When people speak of the songs that defined the early days of Rock n’ Roll, this is one of the songs that they’re talking about. A song built on a foundation of Blues and Gospel that went on to be a song that helped form the foundation of Rock n’ Roll. In the video for this song, you will see the original rhythm guitarist, Brian Jones playing the opening notes. By the time “Let It Bleed” was produced, Jones was close to being fired because of drug problems he was experiencing. He would actually end up drowning in a swimming pool not long after this video was shot. *(Jones was replaced by a man named Mick Taylor who, in turn, was replaced by Ron Woods). On a different note, my girls have only heard the name “Jagger” in reference to the Maroon Five song, “Moves Like Jagger” that was a hit a few years ago. In this video, you will see Jagger with his real moves on display. A cock-sure rooster strutting around his stage, interacting with the audience in ways rarely seen today. The whole video captures The Stones at the height of their creative power during the second phase of their career. It is musical history. It is Rock n’Roll as it was meant to be. It is The Rolling Stones! Enjoy.

The link to the music video for You Can’t Always Get What You Want by The Rolling Stones can be found here.

The Rolling Stones have an extensive website that can be reached by clicking on the link here.

Thanks, as always, to KEXP for providing the inspiration for this post. A link to their great website can be found here.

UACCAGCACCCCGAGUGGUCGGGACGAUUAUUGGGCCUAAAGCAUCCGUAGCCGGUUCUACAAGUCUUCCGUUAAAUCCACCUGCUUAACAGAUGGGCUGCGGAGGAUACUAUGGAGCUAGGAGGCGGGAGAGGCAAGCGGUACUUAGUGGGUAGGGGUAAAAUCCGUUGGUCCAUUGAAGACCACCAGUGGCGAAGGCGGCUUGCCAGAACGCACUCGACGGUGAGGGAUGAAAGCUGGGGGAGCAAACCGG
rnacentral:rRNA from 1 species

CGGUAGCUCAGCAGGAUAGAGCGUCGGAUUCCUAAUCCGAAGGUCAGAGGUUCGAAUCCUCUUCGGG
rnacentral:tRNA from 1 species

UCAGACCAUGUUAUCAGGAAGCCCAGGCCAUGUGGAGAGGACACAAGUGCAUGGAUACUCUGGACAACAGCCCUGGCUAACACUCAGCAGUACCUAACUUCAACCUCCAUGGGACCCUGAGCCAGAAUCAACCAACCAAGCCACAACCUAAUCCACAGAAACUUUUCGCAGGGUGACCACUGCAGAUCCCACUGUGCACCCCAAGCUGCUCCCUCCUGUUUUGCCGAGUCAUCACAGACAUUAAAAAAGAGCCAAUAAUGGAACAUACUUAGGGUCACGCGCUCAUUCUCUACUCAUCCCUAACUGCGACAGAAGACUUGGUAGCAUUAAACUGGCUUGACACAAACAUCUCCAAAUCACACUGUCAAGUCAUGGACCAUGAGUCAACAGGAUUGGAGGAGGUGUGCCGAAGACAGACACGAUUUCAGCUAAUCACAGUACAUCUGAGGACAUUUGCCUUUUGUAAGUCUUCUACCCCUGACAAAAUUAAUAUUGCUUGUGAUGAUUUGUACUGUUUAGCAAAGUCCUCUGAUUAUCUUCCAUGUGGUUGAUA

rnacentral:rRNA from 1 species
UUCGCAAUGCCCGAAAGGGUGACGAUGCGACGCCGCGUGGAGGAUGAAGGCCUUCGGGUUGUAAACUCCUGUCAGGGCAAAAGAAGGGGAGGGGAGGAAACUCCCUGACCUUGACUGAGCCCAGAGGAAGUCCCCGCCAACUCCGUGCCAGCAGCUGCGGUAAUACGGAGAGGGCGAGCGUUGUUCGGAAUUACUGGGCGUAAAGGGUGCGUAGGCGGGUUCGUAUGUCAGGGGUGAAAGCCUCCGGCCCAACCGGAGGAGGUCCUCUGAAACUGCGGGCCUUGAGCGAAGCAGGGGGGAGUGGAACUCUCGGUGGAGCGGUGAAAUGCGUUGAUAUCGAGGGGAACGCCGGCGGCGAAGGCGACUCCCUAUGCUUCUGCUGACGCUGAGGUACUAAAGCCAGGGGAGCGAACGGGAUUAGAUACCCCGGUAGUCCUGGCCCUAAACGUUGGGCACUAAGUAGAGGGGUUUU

The Top 500 Songs in Modern Music History: KEXP-Song #461…Love Shack by The B-52s.

This list of songs is inspired by a list published by radio station, KEXP, from Seattle in 2010. For the most part, I will faithfully countdown from their list, from Song #500 to Song #1. So, when you see the song title listed as something like: “KEXP: Song #XXX”….it means that I am working off of the official KEXP list. If I post the song title as being: “KTOM: Song #xxx”….it means I have gone rogue and am inserting a song choice from my own personal list of tunes I really like. In either case, you are going to get to hear a great song and learn the story behind it. Finally, I am not a music critic nor a musician. I am a music fan and an armchair storyteller. Enough said! Let’s get on to today’s song.

KEXP: The Top 500 Songs in Modern Music History.

Song #461: Love Shack by the B52s.

The B52s are from Athens, Georgia (the same hometown that gave rise to R.E.M., as well). The band consists of singers Fred Schneider, Kate Pierson and Cindy Wilson, Ricky Wilson on guitar and Keith Strickland on drums and keyboards. *(Ricky Wilson has since passed away). The band had several minor hits such as, “Roam”, “My Private Idaho” and “Planet Claire” but, they are best known for their two monster hits, “Rock Lobster” and this song, “Love Shack”.